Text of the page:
Gazbia Sirry was born in Cairo in 1925 to an aristocratic Turkish family. She was raised by two women: her widowed mother and divorced grandmother. After graduating from the Institut Supérieur des beaux-arts pour jeunes filles (Cairo) in 1948, she pursued her training at the studio of Marcel Gromaire (1951), then in Rome (1952) and London, where she obtained a postgraduate degree from the Slade School of Fine Art (1955). Her early works connected her to the Group of Modern Art, which argued that Western means of pictorial expression could serve the development of a modern and authentic Egyptian art. In this regard, the hieratic figures outlined in black that characterise her paintings from the 50s and 60s borrow as much from pharaonic sepulchral paintings as from the Coptic tradition, as well as from lithographic techniques. Her numerous depictions of women and the working class were pertinent to nationalist iconography, contributing to G. Sirry’s acknowledgement in official spheres and earning her State grants and exhibitions at governmental venues. However, G. Sirry’s relationship with Nasser’s regime was a complex one, as it had imprisoned her husband.
In the second half of the 60s, G. Sirry’s style shifted toward a more geometrical type of figuration closer to abstraction. Several commentators consider this evolution to be the result of both a residency in Los Angeles (1965), during which the artist became more familiar with abstract expressionism, and of the defeat of the Six-Day War (1967), which left the collective identity of Egypt deeply scarred, marking the end of the Pan-Arab dream. The policy of openness led by Anwar Sadat from 1970 accelerated the internationalisation of G. Sirry’s career. From then on, her work was often shown in diplomatic contexts, as was the case for her series of solo exhibitions at the Goethe-Institute in Cairo from 1970 to 1987. She lived in Tunisia in 1984 and 1985. In 1993, she stayed at the National Museum of Women in the Arts in Washington, and in 1994-95 participated in Forces of Change, the first exhibition devoted to Arab women artists held by a Western institution, despite her reluctance to be categorised according to her gender. Aware of the inequalities between genders without openly declaring herself a feminist, G. Sirry objected to the separation of women and men in the Egyptian Fine Artists Association founded in 1979 and resigned from her teaching positions at the Helwan College of Fine Arts and the American University in Cairo following the suppression of nude art classes for religious reasons.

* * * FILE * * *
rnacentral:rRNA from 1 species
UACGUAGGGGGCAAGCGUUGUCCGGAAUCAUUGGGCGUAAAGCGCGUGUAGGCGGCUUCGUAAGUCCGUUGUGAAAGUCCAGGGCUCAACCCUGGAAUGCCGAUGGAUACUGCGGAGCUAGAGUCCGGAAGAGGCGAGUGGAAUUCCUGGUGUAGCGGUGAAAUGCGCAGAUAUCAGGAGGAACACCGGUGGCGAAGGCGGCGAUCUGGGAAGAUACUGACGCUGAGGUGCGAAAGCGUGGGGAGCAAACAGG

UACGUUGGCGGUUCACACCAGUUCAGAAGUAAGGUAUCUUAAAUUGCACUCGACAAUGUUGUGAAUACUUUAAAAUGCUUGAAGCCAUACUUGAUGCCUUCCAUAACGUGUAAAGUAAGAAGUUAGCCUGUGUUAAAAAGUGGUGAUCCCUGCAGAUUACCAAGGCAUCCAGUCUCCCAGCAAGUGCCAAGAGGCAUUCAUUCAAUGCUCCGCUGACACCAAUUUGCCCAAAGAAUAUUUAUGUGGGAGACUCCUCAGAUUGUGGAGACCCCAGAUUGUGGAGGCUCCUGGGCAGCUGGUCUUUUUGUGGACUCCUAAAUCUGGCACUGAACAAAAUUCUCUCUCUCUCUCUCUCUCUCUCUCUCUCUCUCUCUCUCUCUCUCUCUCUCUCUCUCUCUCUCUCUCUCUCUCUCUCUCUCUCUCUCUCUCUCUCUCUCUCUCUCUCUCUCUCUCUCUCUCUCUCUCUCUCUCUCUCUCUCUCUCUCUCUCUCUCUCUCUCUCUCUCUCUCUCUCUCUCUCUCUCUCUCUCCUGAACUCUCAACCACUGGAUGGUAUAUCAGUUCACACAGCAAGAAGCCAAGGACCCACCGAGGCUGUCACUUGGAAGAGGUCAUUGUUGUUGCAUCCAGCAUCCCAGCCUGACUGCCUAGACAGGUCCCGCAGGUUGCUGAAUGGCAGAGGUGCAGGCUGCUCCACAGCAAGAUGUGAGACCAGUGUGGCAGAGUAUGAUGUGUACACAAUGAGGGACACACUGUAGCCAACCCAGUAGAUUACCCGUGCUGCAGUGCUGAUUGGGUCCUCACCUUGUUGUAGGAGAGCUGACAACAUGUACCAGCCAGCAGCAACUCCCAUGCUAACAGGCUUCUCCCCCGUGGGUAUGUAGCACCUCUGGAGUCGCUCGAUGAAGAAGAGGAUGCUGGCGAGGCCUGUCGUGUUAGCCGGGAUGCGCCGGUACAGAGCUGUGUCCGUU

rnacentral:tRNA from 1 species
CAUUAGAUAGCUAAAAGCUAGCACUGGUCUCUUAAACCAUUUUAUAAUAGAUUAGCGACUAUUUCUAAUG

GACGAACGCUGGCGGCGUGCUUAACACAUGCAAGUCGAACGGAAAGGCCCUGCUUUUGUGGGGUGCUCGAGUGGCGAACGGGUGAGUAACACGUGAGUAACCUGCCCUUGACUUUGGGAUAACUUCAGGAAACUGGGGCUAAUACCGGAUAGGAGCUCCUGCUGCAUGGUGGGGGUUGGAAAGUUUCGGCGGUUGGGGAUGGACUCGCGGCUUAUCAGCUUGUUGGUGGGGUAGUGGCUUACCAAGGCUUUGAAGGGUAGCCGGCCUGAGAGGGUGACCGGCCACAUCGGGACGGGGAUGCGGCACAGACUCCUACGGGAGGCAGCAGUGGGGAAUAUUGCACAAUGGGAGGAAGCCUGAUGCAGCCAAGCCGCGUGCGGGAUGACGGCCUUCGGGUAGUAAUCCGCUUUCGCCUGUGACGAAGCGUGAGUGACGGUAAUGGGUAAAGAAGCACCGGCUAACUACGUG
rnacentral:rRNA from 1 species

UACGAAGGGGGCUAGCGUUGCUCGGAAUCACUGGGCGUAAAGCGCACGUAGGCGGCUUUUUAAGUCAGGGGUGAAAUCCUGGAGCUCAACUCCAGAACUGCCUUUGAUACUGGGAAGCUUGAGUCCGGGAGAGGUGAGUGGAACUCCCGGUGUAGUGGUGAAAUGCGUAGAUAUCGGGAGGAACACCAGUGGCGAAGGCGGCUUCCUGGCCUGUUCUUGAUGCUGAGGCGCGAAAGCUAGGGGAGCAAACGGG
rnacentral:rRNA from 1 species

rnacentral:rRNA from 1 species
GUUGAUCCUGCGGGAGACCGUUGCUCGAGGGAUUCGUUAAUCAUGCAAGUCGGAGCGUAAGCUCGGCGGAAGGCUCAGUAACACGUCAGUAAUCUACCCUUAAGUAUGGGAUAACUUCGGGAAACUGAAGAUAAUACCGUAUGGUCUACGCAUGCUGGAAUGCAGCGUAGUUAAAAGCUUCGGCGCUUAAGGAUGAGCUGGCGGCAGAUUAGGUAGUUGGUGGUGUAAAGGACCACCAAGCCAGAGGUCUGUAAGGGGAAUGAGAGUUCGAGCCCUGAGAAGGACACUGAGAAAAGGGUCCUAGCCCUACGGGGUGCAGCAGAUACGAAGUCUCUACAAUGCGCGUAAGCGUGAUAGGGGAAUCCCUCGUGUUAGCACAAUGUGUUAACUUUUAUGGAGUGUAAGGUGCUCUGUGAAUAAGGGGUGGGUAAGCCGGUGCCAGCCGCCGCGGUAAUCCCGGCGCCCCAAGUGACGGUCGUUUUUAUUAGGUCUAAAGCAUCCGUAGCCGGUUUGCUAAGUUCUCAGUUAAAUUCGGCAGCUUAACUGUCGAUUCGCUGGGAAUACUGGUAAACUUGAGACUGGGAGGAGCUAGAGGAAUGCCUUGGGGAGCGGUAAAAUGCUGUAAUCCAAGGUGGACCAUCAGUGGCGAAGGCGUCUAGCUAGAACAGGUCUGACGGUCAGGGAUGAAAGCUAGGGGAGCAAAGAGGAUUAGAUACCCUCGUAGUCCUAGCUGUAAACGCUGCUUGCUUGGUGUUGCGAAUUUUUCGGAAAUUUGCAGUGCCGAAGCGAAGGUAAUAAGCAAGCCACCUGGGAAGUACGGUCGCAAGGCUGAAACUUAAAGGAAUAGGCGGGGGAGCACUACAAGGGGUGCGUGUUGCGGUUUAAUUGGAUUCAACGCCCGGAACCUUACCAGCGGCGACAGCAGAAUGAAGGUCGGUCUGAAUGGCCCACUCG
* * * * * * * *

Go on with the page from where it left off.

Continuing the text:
Sirry has continued to paint late in life, especially landscapes and street scenes in watercolours – a medium she has consistently used. Aged 85 during the 2011 revolution, she painted a series of pictures in an increasingly minimalist style. Despite her international career (Venice Biennale in 1956, 1958 and 1984; São Paulo Biennale in 1953 and 1963; Pan-African Festival of Algiers in 1969; FESTAC in Lagos, etc.), G. Sirry remains little known abroad. Egypt, on the other hand, regularly celebrates an artist who, from her support of anti-colonial struggles and 1952 coup to the aftermath of the 2011 revolution, has never ceased to paint in reaction to her country’s history, all the while contributing to the expression of an Egyptian and Arab pictorial modernity.